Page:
Long time! I wrote much of this sometime in April ’17, finished a little reflection in June, and then for some reason forgot to put it into the blog source code. In any event, here’s some thoughts on this past winter without a jacket.
Had another awesome winter without a coat/jacket/gloves/hat/etc. It was a load of fun. Really enjoyed it. (I’ve worn a poncho in the rain with a suit/dress-shirt. And I’ve worn long sleeves outside in dress attire circumstances.)
There is this weird thing—and I thought I was making it up—where each year I have gotten more comfortable and have started to enjoy the cold. I figured I was just getting used to it and by the end my body felt accustomed and so I saw it in a more positive light. But I don’t think this is just about toleration, it’s actually become enjoyable in a way. I wonder if I lightly primed some fight-flight mechanism that has kept me more buoyant. Or perhaps this is the body’s psychological tool to deal with stressors.
Another difference from previous years is that unlike when I jumped in water for maybe a few seconds, this past winter I would stay in for a minimum of 5 minutes. Into November and in April it’s been around 15 minutes.
Maybe the dips in the ocean made going sans-jacket seem mild. But as of these words on April 24th, the thought of it being a 30 degree crisp day tomorrow sounds refreshing and great. I’ve been finding myself enjoying the 60 degree weather as well. Finding it to be real beautiful. But at the same time missing the cold weather.
To help consolidate a lot of the experiences, I thought to group them into three categories and give an example of each.
Low Intensity Moment
I remember walking out of the subway one morning and it was a sunny day, 30 degrees. I don’t know when this was in the winter, but I just remember being so elated and happy to take in the crisp air. Perhaps it was just a result of a good workout earlier that morning. But going from a dark crowded stuffy subway car to the open winter weather was beautiful. Bliss. The cool air tasted so good and substantive that I could have chewed on it all day.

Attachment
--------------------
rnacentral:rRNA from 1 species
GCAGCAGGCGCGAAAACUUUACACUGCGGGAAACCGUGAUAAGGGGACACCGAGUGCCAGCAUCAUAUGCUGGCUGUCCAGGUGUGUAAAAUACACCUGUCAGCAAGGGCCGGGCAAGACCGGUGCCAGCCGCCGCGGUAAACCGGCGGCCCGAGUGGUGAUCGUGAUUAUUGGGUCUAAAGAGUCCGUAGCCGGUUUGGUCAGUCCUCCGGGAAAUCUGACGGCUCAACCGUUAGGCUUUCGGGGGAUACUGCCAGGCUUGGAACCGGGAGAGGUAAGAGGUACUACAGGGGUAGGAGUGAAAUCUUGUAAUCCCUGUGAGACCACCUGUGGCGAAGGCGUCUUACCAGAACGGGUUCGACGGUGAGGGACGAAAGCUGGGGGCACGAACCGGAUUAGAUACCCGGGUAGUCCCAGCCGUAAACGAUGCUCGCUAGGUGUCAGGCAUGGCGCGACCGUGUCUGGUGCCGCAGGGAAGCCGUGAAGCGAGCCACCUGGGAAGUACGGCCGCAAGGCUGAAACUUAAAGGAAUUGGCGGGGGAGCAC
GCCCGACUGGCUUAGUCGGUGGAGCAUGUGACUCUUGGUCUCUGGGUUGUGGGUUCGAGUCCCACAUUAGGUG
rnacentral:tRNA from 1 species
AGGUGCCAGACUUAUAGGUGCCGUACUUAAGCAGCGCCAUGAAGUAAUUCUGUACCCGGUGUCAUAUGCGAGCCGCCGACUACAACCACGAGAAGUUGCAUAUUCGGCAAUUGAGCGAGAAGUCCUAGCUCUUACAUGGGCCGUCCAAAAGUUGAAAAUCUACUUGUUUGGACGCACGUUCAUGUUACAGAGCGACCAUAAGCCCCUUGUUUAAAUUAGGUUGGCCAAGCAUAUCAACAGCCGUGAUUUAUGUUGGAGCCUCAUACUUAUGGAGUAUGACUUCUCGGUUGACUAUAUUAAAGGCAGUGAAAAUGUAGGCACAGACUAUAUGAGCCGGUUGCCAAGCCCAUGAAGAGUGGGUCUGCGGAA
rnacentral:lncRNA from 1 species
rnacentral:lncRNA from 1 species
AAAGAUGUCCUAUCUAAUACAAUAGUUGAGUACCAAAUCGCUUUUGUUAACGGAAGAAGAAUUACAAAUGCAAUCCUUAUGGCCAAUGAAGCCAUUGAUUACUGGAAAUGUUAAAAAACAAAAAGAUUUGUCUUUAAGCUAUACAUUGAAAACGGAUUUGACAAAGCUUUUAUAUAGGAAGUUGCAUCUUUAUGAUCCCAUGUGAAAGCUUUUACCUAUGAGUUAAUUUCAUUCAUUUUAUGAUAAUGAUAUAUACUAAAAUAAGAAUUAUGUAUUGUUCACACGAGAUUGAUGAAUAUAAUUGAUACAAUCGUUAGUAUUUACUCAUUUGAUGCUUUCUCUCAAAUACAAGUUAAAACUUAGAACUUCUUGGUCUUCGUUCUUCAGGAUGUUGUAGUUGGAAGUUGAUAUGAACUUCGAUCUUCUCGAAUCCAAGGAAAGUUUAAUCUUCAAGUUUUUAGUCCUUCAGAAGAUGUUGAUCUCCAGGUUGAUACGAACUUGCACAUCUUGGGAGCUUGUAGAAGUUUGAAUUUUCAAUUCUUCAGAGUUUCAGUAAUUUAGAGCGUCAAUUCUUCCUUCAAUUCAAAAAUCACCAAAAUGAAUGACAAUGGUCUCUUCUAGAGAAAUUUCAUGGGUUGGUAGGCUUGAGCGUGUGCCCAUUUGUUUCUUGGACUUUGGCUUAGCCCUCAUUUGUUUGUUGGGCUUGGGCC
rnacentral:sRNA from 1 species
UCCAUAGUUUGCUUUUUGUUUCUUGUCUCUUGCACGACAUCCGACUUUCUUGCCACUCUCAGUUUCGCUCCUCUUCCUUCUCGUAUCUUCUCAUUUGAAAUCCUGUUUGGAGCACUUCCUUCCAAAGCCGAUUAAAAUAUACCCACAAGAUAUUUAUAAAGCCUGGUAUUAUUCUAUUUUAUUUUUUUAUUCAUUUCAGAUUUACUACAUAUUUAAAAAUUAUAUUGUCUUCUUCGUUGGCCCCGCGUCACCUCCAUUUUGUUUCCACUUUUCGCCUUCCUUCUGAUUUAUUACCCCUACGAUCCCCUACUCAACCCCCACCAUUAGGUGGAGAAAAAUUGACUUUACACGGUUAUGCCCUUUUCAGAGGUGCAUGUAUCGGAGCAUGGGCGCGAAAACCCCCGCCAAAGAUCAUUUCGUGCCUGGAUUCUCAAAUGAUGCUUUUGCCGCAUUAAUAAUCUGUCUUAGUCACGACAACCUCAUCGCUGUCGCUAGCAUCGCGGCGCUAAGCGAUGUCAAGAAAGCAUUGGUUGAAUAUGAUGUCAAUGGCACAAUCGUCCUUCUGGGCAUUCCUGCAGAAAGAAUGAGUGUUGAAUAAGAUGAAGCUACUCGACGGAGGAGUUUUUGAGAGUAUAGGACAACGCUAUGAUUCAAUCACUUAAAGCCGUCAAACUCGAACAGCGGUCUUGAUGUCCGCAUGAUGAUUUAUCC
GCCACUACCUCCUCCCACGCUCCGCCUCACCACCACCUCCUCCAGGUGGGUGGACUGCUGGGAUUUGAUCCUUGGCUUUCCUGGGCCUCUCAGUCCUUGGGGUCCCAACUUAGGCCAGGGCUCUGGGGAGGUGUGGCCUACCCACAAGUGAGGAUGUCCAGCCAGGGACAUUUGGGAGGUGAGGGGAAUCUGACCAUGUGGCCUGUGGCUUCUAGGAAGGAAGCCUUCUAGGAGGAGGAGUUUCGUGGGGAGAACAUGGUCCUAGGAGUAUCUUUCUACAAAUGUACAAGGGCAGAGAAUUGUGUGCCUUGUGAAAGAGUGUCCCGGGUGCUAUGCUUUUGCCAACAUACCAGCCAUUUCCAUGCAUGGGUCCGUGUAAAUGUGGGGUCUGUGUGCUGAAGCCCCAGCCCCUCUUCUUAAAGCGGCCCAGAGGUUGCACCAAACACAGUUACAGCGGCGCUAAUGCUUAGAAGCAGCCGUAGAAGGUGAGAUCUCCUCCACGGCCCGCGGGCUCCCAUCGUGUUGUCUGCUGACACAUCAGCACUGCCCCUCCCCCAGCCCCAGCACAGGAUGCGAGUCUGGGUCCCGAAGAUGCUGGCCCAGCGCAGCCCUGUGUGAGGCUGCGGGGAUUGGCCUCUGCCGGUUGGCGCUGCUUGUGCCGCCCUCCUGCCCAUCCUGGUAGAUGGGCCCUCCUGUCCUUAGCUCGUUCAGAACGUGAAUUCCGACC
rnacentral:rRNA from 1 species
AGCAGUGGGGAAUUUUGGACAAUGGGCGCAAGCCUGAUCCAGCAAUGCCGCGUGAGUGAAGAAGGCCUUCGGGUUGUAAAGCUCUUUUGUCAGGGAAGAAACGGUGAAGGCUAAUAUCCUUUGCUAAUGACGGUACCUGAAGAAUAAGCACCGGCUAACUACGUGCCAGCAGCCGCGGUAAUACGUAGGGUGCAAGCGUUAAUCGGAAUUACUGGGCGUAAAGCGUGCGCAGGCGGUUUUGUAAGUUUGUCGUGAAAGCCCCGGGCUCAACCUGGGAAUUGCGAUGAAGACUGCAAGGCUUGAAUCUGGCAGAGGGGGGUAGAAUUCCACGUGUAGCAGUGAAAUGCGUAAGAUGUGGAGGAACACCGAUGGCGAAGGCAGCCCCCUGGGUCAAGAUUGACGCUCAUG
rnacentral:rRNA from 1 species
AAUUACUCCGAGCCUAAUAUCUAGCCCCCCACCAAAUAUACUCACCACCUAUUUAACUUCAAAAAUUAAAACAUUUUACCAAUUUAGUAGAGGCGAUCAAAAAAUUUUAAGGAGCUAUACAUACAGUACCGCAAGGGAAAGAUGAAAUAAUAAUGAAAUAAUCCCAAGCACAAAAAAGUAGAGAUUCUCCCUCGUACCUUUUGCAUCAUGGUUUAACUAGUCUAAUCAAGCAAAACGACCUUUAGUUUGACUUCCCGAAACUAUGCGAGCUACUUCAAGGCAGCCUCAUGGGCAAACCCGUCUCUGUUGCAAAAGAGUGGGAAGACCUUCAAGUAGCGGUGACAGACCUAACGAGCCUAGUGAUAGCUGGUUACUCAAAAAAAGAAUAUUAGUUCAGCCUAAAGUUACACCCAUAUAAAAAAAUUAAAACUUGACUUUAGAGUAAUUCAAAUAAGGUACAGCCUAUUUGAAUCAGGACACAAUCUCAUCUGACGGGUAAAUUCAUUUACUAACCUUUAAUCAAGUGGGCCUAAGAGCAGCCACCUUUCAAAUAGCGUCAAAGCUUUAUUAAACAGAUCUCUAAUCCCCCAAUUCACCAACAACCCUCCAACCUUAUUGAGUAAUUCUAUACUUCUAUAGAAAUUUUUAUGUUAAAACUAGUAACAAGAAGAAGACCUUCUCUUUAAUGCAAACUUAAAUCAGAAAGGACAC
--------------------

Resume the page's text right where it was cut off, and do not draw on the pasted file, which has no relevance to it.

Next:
I think if I was wearing a second layer beyond a short sleeve shirt I wouldn’t have been able to really feel the morning, feel the day, and feel the beauty.
The line between learning to get used to what is uncomfortable and finding rays of beauty in what is traditionally uncomfortable isn’t such a clear cut line. But the crisp air, the taste of the cold air—is just something else.
Medium Intensity Moment
There was a major snow/hailstorm when a lot of businesses and schools closed down. A few of us went into the office anyway, but beforehand in the morning I went running with my dad. I was wearing shorts/tshirt like usual. And it was epic beyond belief.
It was a shorter run, about 4 miles. And the cold wasn’t as much of an issue as was the bits of hail that felt like tiny bites/pricks on the skin.
It was a ton of fun, really exhilarating. Definitely one of the most memorable runs I've had in a long time.
Ocean Dip Interlude
I more regularly jumped into the ocean (by Coney Island) throughout this past fall/winter. Probably every other week on average. I’d go in for 5 minutes or over, and dunk every minute. Usually went in the middle of a Saturday run—it’s about 2 miles there, and 2 miles back.
When you first go into the ocean in the NY winter, the initial moment can be startling. My first goal was to get my breathing under control and stop the hyperventilation. At the same time, there is this feeling that my legs are constricting and getting progressively tighter. My hands are usually ok, but my natural hand grip movement in opening and closing a fist would get slower and slower. After about 3 minutes the acute pain would usually ease up into a more dull muted stress. And then at that point I would need to monitor core body temperature.